Update: the torch is heavy. I couldn't give you the actual weight of it, but it doesn't take long for it to feel like it weighs fifty pounds!
Here's the thing; I think it should be heavy. If it was light, then I'm afraid that it would be too easy to take for granted. It would be too easy to forget that it's there. It would be too easy to want to hog the limelight, at which point it would be about the individual, and not about the greater cause.
That cause? Inclusion, and the annihilation of biases against people with intellectual disabilities. The vehicle that Special Olympics uses to do that is sports.
Why sports, you might ask? I think that's best explained by one of my favorite quotes. George Sheehan, MD, a sport philosopher and author of "Running and Being" said:
"There is no better arena for evaluating your value system, no better laboratory for investigating motivation - and no better proving ground for demonstrating one's defects. Sport becomes art, language, a way of being in this world."
In this context I think George is saying that through sports, everyone (including yourself) gets to meet the real you, not the you as defined by other people's labels. Limits for an athlete can be measured, understood, and then pushed aside, setting the bar ever higher as an athlete progresses. These are tangible results; shaving half a minute off of a 10k time, throwing the shot put an inch farther, or deadlifting 10 more pounds. An athlete surpassing those limits through training and exercise, regardless of anyone else's labels, I submit to you is the art that George was speaking of. A language that can be read, heard, and understood outside of any other context.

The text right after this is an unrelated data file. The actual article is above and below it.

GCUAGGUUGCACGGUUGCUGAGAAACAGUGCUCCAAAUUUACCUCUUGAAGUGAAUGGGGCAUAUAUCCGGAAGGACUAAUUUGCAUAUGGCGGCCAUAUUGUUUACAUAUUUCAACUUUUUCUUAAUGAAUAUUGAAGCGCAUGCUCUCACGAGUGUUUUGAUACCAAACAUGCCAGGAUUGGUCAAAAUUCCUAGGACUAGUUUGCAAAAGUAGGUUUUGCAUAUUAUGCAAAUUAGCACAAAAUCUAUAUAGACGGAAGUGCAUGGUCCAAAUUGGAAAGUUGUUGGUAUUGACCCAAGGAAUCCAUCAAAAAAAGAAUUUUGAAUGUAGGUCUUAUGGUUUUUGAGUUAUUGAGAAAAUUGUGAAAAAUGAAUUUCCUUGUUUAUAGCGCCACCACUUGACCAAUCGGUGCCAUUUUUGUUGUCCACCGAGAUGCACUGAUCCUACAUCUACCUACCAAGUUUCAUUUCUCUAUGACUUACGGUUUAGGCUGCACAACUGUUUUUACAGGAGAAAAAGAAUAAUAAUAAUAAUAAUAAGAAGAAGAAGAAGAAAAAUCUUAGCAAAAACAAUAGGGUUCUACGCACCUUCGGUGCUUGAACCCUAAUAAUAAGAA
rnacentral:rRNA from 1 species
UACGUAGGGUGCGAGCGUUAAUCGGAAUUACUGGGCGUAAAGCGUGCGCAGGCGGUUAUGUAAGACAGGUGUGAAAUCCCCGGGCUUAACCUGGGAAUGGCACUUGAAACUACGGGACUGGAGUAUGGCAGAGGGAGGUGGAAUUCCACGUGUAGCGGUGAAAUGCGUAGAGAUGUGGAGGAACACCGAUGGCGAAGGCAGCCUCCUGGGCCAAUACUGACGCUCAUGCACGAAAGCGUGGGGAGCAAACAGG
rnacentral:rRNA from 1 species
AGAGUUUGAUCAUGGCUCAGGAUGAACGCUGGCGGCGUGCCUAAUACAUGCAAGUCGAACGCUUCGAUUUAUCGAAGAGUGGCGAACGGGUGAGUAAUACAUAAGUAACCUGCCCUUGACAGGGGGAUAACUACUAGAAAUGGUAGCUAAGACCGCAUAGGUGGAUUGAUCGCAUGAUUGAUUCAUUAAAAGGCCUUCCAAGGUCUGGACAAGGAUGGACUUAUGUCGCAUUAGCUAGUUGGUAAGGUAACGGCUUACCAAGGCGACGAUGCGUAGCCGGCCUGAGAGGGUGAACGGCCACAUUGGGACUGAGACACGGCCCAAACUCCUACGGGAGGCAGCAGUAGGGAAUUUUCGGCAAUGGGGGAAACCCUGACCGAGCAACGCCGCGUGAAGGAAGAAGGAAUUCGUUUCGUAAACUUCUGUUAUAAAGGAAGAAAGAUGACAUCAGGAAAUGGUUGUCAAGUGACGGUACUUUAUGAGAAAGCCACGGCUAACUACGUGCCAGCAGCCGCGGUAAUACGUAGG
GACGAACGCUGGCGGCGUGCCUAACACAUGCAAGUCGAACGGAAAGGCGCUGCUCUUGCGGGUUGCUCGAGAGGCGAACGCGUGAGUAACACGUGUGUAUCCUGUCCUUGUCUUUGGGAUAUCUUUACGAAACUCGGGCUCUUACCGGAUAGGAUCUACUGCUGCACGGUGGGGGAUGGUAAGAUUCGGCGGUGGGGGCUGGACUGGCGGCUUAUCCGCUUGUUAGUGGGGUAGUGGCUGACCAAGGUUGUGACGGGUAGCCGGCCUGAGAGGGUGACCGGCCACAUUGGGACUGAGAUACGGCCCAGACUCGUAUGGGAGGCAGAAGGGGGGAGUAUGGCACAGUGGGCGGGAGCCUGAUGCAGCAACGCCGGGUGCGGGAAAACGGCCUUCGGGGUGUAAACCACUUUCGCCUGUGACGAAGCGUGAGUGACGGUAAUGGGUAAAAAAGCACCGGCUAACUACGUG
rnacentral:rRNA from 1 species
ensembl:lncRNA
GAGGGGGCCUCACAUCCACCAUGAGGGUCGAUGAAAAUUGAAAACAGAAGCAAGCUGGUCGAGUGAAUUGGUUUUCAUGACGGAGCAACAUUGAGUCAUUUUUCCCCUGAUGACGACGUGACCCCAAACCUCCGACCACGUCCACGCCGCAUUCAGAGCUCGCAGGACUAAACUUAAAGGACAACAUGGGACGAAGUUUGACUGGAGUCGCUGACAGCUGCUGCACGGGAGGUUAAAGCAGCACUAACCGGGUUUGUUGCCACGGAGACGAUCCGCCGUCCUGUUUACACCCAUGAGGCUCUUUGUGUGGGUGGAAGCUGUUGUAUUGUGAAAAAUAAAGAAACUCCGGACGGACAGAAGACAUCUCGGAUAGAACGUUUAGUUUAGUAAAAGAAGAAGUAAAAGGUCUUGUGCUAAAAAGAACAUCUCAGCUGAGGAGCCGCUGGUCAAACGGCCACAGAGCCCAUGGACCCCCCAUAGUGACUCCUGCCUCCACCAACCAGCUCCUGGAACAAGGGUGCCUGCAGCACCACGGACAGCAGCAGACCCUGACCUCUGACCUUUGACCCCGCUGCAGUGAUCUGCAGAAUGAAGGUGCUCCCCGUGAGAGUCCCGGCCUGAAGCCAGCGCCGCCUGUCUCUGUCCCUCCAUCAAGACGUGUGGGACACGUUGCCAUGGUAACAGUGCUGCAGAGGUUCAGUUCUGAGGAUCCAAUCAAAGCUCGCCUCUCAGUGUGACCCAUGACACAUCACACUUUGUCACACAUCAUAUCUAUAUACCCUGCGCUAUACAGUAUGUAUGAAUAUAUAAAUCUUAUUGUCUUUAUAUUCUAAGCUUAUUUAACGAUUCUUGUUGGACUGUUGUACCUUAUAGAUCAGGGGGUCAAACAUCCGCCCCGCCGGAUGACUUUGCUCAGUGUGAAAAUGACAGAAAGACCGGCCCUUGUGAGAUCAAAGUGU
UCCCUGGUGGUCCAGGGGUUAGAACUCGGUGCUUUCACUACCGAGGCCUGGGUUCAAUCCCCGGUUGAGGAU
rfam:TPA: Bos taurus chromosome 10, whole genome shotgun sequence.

For example, if I told you that a long jumper, after a year of training, set a personal best, you wouldn't ask any other questions. You would say "good job!" Or, "they must have worked and trained really hard." Nothing else should need to be said.
Put another way; today I shared the stage Cody Pierce, a national champion long jumper! I was honored to do so. Nothing else needs to, or should have to be said about him, except to add that he trains and works really hard to find his limits and push past them. That's the goal of every athlete, regardless of their abilities or skill level.
According to George's quote, his "status" (or that of any of the amazing athletes I've met this week) as defined by those previously mentioned labels, is and should be irrelevant. THAT is the beauty of sport! THAT is inclusiveness! In my mind, THAT is the mission of Special Olympics!